Final Thoughts & Discussion

I’m so excited to take this little three-day trip! I’ve never actually taken a research trip far enough away that an overnight stay was merited. But the idea of traveling to connect with the past in this way, to gain a more intimate understanding for my novel, enthralls me.

If you’re a writer, where have you traveled for your research? How was the trip? Would you take another?

Writing Prompt: Moving

woman in grey shirt holding brown cardboard box

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I have two friends undergoing a move right now. But I think I’ve done a writing prompt in the past about packing stuff so this time I want you to write about getting friends to help a character move. You have 1000 words, maximum. Have fun!

Pathogen: Jana – 8

PathogenJana sputtered and coughed as water doused her face, rousing her from sleep. Shaking off the excess droplets, she wiped her eyes and sat up. “What the hell did you do that for?”

“Time to wake up, sunshine,” Reggie kicked at her feet lightly. “We’re burning daylight.”

“Why aren’t we doing this at night?”

“Easy. We’d be expected at night. No, you’ve got to look just the part. Suit and everything. I think we have one on hand for ya. You can pretend you want to be an intern, right?”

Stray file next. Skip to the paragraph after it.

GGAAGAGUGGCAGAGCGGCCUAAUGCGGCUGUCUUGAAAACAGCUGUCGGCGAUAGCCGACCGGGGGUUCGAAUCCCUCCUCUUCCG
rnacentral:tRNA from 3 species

“Yeah, sure,” Jana agreed, standing and reaching for the towel in Reggie’s other hand. The bleach-spotted towel was scratchy, but it soaked up water well enough. “You don’t need to throw water at me to get me to wake up, you know.”

“I know. It’s more fun this way though. Besides, I have to find some ways to pay you back for breaking my brother’s nose.”

“Reg, it’s been over a month. I think I’ve paid back that crime by now.”

He grinned, displaying several crooked teeth. One was missing altogether. They’d gotten into a scrap with another group of people, who tried to claim that they owned midtown, a couple of months back and he lost it–the man who hit him was no longer alive. Jana didn’t mind Reggie so much as she used to. He’d saved her skin more than once, and she his. His brother still seemed to despise her though, so now when she was given missions, she went with Reggie and no one else. “I was thinking–if you tried introducing yourself to people when you meet them instead of trying to intimidate them right off the bat, you might still have all of your teeth.”

“Easy there. I’m plenty friendly. Just because you and I squabbled…”

“You wanted me dead. I’d hardly call that a squabble.”

“Eh, quit wasting time. Go put on your interview suit. We can do a mock interview on the way.”

Laughter bubbled up until Jana could suppress it no longer. “Sorry–it’s hard to picture you working in a human resources department.”

“That’s because I didn’t. But I interviewed a lot of people when I worked for the CIA.”

“Interviewed…as in tortured? I’m not sure you’re the best person to coach me.”